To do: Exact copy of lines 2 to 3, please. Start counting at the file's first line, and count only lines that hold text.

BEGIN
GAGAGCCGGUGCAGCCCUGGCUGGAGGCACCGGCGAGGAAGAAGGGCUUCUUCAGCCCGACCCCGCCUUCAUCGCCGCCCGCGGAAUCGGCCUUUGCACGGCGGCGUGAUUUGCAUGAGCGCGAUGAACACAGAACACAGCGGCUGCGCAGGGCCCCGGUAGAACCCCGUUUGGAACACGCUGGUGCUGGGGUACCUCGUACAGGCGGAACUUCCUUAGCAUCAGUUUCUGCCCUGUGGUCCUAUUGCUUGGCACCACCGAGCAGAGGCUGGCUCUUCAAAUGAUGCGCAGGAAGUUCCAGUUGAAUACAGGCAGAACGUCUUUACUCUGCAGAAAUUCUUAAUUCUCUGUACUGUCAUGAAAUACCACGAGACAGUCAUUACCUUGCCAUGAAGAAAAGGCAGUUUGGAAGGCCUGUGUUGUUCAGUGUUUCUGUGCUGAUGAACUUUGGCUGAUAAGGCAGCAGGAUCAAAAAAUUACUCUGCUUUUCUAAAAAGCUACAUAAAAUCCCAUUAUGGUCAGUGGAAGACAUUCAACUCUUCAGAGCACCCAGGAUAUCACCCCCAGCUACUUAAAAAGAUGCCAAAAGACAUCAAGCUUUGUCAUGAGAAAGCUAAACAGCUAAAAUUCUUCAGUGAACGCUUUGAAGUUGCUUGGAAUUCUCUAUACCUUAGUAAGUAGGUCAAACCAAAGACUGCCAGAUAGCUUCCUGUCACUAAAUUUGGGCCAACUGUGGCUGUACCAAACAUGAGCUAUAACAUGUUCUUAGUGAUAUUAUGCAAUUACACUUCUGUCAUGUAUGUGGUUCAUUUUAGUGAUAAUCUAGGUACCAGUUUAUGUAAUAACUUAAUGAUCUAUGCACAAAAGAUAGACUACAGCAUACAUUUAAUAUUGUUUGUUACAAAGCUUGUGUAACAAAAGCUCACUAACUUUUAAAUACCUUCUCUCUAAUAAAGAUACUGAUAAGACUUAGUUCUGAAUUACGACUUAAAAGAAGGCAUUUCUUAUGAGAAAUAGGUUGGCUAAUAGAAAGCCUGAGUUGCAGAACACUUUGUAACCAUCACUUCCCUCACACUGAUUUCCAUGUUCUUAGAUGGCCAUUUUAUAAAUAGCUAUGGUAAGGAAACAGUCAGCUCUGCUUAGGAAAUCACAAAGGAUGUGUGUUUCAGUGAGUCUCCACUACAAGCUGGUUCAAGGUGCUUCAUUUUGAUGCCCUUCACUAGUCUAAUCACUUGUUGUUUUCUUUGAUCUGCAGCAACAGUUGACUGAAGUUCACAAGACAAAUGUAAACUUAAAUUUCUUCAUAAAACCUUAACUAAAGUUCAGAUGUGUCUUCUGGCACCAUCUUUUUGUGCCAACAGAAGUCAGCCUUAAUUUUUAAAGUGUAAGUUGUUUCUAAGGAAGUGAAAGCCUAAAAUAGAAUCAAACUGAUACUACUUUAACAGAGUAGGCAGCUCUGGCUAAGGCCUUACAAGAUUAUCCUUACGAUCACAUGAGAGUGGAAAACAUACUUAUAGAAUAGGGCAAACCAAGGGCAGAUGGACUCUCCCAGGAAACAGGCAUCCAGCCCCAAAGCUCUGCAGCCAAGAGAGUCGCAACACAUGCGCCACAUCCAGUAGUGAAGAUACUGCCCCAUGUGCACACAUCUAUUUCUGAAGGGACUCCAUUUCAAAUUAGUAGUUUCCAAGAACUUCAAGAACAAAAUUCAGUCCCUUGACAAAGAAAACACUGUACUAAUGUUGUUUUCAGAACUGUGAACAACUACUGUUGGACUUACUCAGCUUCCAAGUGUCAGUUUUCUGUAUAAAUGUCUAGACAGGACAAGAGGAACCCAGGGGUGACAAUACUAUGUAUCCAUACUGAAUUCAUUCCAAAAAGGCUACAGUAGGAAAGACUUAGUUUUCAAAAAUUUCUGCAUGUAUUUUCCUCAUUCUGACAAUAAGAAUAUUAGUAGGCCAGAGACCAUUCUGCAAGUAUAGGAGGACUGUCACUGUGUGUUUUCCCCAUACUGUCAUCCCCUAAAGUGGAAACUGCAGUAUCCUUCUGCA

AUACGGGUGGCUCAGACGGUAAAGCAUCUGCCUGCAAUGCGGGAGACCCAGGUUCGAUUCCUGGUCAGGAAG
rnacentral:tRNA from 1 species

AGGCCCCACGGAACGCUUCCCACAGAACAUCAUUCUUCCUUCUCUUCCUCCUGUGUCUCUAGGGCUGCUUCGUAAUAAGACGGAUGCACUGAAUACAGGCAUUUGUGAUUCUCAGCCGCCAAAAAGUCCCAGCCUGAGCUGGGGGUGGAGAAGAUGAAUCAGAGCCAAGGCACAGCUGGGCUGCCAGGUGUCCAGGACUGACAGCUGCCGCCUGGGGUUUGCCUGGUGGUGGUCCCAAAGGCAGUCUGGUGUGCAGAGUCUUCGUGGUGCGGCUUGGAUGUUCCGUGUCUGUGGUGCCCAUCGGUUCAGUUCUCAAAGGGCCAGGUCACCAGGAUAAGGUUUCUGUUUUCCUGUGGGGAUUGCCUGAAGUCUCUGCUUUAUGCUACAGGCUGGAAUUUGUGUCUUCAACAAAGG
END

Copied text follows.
AUACGGGUGGCUCAGACGGUAAAGCAUCUGCCUGCAAUGCGGGAGACCCAGGUUCGAUUCCUGGUCAGGAAG
rnacentral:tRNA from 1 species